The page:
To systematically review randomized clinical trials (RCTs) of opioids for chronic noncancer pain.

Data Sources and Study Selection:

The databases of CENTRAL, CINAHL, EMBASE, MEDLINE, AMED, and PsycINFO were searched from inception to April 2018 for RCTs of opioids for chronic noncancer pain vs any nonopioid control.

Data Extraction and Synthesis:

Paired reviewers independently extracted data. The analyses used random-effects models and the Grading of Recommendations Assessment, Development and Evaluation to rate the quality of the evidence.

Main Outcomes and Measures:

The primary outcomes were pain intensity (score range, 0-10 cm on a visual analog scale for pain; lower is better and the minimally important difference [MID] is 1 cm), physical functioning (score range, 0-100 points on the 36-item Short Form physical component score [SF-36 PCS]; higher is better and the MID is 5 points), and incidence of vomiting.

Results:

Ninety-six RCTs including 26 169 participants (61% female; median age, 58 years [interquartile range, 51-61 years]) were included. Of the included studies, there were 25 trials of neuropathic pain, 32 trials of nociceptive pain, 33 trials of central sensitization (pain present in the absence of tissue damage), and 6 trials of mixed types of pain. Compared with placebo, opioid use was associated with reduced pain (weighted mean difference [WMD], -0.69 cm [95% CI, -0.82 to -0.56 cm] on a 10-cm visual analog scale for pain; modeled risk difference for achieving the MID, 11.9% [95% CI, 9.7% to 14.1%]), improved physical functioning (WMD, 2.04 points [95% CI, 1.41 to 2.68 points] on the 100-point SF-36 PCS; modeled risk difference for achieving the MID, 8.5% [95% CI, 5.9% to 11.2%]), and increased vomiting (5.9% with opioids vs 2.3% with placebo for trials that excluded patients with adverse events during a run-in period). Low- to moderate-quality evidence suggested similar associations of opioids with improvements in pain and physical functioning compared with nonsteroidal anti-inflammatory drugs (pain: WMD, -0.60 cm [95% CI, -1.54 to 0.34 cm]; physical functioning: WMD, -0.90 points [95% CI, -2.69 to 0.89 points]), tricyclic antidepressants (pain: WMD, -0.13 cm [95% CI, -0.99 to 0.74 cm]; physical functioning: WMD, -5.31 points [95% CI, -13.77 to 3.14 points]), and anticonvulsants (pain: WMD, -0.90 cm [95% CI, -1.65 to -0.14 cm]; physical functioning: WMD, 0.45 points [95% CI, -5.77 to 6.66 points]).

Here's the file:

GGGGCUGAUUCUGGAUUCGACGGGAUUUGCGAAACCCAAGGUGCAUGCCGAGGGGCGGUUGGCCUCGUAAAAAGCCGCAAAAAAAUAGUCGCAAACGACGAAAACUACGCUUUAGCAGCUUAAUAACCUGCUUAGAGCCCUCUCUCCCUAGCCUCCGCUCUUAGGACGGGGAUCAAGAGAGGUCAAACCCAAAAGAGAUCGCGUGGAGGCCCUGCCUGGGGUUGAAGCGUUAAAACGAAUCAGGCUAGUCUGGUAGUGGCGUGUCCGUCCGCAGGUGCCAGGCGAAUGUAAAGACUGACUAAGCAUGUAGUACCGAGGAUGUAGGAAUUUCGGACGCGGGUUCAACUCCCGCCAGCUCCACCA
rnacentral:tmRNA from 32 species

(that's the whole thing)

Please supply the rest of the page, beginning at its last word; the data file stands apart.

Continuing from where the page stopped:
Conclusions and Relevance:

In this meta-analysis of RCTs of patients with chronic noncancer pain, evidence from high-quality studies showed that opioid use was associated with statistically significant but small improvements in pain and physical functioning, and increased risk of vomiting compared with placebo. Comparisons of opioids with nonopioid alternatives suggested that the benefit for pain and functioning may be similar, although the evidence was from studies of only low to moderate quality.

PMID:
30561481
DOI:
10.1001/jama.2018.18472
[Indexed for MEDLINE]